Crab, with is tender melt-in-your-mouth, sweet-salty goodness is an ocean floor delight for many. And this week, Outdoor Afro founder Rue Mapp decided to catch her own!
Crab is a staple of holiday festivities; shows up on date night plates, or an indulgent treat that requires you to get intimate with it using a combination of tools and tenacity if you want to get past the hard shell to its meaty reward.
It is a carefully portioned and coveted star of Louisiana gumbo, and Crustaceans restaurant fans travel far and pay a pretty penny for their “secret” crab recipe using roasted garlic. But fresh crab does not need much fanfare. It is lovely simply steamed with a hint of butter and lemon. For those who love it, crab always delivers in any form.
Late fall in the San Francisco Bay Area signals the opening of the crab season, when Dungeness crab fishermen troll the Pacific Ocean along the California coast to harvest and deliver the native delicacy to restaurants, fish mongers, and boiling pots everywhere.
Earlier this week, I decided to show out my devotion to crab in a new way, by fishing for my own and inserting myself into the karma of consumption. Far too often, we consume without awareness of the context, complexity, and appreciation of the lives that bring nourishment and the pleasure of a delicacy to humans.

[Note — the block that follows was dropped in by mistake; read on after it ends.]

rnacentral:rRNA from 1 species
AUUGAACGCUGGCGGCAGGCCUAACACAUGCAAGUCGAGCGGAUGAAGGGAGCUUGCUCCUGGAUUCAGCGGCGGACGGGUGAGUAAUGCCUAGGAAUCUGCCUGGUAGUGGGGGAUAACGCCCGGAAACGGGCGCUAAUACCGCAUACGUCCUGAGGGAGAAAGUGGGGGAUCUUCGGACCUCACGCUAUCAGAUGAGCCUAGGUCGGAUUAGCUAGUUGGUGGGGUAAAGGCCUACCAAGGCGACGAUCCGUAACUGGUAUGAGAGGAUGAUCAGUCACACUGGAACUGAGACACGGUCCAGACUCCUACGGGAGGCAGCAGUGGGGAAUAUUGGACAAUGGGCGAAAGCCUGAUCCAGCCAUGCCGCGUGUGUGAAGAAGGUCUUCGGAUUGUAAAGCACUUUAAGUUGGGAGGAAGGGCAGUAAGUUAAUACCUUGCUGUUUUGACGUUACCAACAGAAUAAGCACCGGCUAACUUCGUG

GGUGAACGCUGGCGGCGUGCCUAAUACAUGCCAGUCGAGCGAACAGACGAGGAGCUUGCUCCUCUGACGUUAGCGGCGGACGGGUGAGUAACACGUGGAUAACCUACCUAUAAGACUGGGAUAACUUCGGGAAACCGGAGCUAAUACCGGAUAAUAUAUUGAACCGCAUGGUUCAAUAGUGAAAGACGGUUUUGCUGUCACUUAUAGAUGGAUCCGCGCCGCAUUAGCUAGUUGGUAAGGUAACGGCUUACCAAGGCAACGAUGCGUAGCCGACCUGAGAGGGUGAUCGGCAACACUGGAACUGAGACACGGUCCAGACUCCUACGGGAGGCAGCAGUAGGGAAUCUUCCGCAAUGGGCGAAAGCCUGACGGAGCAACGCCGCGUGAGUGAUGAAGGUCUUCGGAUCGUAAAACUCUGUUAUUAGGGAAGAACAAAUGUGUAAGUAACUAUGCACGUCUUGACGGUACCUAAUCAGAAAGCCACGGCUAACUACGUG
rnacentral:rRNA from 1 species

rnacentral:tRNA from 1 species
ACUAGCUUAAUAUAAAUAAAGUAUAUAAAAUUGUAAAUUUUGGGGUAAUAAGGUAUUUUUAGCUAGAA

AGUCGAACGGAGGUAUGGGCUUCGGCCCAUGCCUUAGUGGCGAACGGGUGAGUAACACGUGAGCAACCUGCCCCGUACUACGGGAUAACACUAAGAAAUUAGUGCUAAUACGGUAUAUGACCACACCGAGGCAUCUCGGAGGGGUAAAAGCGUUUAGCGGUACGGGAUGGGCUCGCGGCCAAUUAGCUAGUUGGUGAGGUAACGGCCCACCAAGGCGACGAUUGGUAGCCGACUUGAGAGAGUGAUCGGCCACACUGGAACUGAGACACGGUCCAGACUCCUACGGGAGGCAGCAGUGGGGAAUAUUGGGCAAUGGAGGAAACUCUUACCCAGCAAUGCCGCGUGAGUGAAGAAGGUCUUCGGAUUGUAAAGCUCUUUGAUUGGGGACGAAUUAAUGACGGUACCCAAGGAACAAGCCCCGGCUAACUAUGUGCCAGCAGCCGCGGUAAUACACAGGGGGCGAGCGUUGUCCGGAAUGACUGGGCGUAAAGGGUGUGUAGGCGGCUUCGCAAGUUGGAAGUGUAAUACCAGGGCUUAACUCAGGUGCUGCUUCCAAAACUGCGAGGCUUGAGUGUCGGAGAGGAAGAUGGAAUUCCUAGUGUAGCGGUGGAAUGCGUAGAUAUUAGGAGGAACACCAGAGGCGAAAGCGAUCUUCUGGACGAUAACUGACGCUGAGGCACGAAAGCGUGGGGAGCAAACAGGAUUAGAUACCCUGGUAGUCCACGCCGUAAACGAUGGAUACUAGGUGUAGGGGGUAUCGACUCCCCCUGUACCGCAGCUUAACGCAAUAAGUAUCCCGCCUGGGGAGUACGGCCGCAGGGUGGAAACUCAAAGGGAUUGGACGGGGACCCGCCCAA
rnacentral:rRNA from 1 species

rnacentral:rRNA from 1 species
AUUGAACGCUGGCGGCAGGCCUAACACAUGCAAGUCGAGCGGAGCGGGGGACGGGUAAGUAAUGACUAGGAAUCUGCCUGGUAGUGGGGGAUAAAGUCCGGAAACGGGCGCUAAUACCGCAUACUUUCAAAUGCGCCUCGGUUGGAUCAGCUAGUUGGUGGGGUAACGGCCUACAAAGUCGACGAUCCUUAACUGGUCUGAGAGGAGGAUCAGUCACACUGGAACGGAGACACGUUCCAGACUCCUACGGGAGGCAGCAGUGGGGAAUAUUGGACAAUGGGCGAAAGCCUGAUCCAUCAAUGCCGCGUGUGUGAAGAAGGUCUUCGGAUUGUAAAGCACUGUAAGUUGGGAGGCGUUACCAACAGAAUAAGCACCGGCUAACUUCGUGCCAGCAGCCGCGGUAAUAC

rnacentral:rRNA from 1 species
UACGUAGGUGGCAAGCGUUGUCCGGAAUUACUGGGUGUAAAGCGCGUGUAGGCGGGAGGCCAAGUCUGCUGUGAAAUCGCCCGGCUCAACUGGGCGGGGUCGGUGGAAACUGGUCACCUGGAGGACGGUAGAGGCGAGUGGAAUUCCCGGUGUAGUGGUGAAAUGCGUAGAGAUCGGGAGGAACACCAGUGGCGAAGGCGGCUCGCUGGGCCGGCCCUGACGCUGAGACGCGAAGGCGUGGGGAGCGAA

With the support of high-school friend and bass-pro fisherman Aaron Coleman, I was introduced to the snare method of crabbing. Unlike the more common and passive pot and net methods, snaring is more active in that it uses a pole and line, which was more suitable to use along the rocky coast.
The snare traps have a cage you filled with fresh fish such as squid or mackerel then the system is altogether tied to a hook to cast as far out as possible. Shown below
The trek to the secret location, where Aaron’s family has fished for decades was formidable. I’ve been contemplating it since, remarking to others my own sense of fear and trepidation as our journey included steep climbs over jagged rocks and thoughtful steps along a path in between the crash of waves during high tide. We had to pass our gear back and forth between us, while holding on to the contours of sea-worn stone. It was my guide’s familiarity with the area, and coaching that made it possible to arrive safely to the rock platform that looked out over the endless sea framed by the steep and unforgiving cliffs surrounding us.
Morning view from the edge
The set-up – click for larger images
First crab of the day!
All told, we reeled in 10 crab, which is the limit per person for a California sport fishing license.
Once we brought the crabs to dry land, we took the time to clean them and store them in fresh water sealed in freezer bags. Below is a fresh batch steaming with herbs and butter for my family dinner that night.
My children and I savored the hard-won meal, remembering and feeling grateful for the sea from which these fruits came. And we are excited to share our remaining stores with our loved ones as part of the holiday festivities.